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Broadband control of topological–spectral correlations in space–time beams

Abstract

The synthesis of ultrashort pulses with simultaneously tailored spatial and temporal properties opens new horizons in multimode photonics, especially when the spatial degree of freedom is controlled by robust topological structures. Current methods to shape space–time beams with correlations between their topological charges and spectral components have yielded fascinating phenomena. However, shaping is currently limited to narrow topological and/or spectral bands, greatly constraining the breadth of achievable spatiotemporal dynamics. Here we introduce a Fourier space–time shaper for ultrabroadband pulses, covering nearly 50% of the visible spectrum and carrying a wide range of topological charges with values up to 80. Instead of relying on a conventional grating with linear geometry, our approach employs a diffractive axicon with circular geometry that allows to impart azimuthal phase modulations to beams carrying orbital angular momentum. We retrieve the spatiotemporal field by introducing a characterization technique based on hyperspectral off-axis holography. The tailoring of linear topological–spectral correlations enables the control of several properties of wave packets, including their chirality, orbital radius and number of intertwined helices, whereas complex correlations allow us to manipulate their dynamics. Our space–time beams with broadband topological content will enable a host of novel applications in ultrafast light–matter excitations, microscopy and multiplexing.

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Fig. 1: Synthesizing space–time beams with broadband topological–spectral correlations.
Fig. 2: Spatiotemporal characterization based on hyperspectral off-axis holography.
Fig. 3: Controlling helical wave packets by tailoring linear correlations.
Fig. 4: Complex topological–spectral correlations.

Data availability

The datasets generated during the current study are available from the corresponding authors on reasonable request.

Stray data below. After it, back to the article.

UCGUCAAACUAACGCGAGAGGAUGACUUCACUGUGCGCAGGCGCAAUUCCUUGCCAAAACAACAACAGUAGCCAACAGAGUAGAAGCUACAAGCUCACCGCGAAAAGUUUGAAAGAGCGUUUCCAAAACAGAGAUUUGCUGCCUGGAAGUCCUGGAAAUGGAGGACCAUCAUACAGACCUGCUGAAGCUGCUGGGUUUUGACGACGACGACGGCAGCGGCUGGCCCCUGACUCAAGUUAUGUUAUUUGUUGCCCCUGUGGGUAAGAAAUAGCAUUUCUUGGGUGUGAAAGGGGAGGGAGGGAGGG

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Acknowledgements

This work has been financially supported by the European Research Council (ERC) under the European Union’s Horizon 2020 research and innovation programme ‘METAmorphoses’, grant agreement no. 817794. This work has been supported by Fondazione Cariplo, grant no. 2019-3923. This publication is part of the METAFAST project that received funding from the European Union Horizon 2020 Research and Innovation programme under grant agreement no. 899673. This work reflects only the authors’ view and the European Commission is not responsible for any use that may be made of the information it contains.

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M.P. conceived the original idea. M.P., M.O., V.R.P., M.R., G.V., C.M., G.C. and A.A. designed the experiments. M.P., M.O., V.R.P., M.R., B.A. and M.C. performed the measurements. M.P. and J.V. performed the theory and simulations. M.P. and M.O. fabricated the devices. M.P., V.R.P., B.A., M.C. and C.M. analysed the experimental data. All authors contributed to the interpretation of results and to the writing of the manuscript.

Corresponding authors

Correspondence to Marco Piccardo or Antonio Ambrosio.

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Nature Photonics thanks Pierre Bejot, Spencer Jolly and the other, anonymous, reviewer(s) for their contribution to the peer review of this work.

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Extended data

Extended Data Fig. 1 Isosurfaces in 3D space of a helical wave packet synthesized experimentally.

The corresponding topological-spectral correlation of this beam is shown in Fig. 2e. Here, the temporal coordinate is replaced by the z-propagation coordinate, as we obtain from hyperspectral off-axis holography the space-time beam propagation at different times: a, t = 0; b, t = 67 fs, corresponding to a beam propagation of 20 μm; c, t = 167 ps, corresponding to a beam propagation of 5 cm. Apart from a very small lateral shift, the beam essentially translates along the z-axis as it propagates (in the direction marked by the red arrow in a). Due to its helical structure, at a given z-plane the space-time beam appears as a pulse that rotates over time on a circular trajectory, as shown in the space-time isosurface of Fig. 2f. The isosurfaces are defined at 10% of the intensity peak.

Extended Data Fig. 2 Additional linear and complex topological-spectral correlations.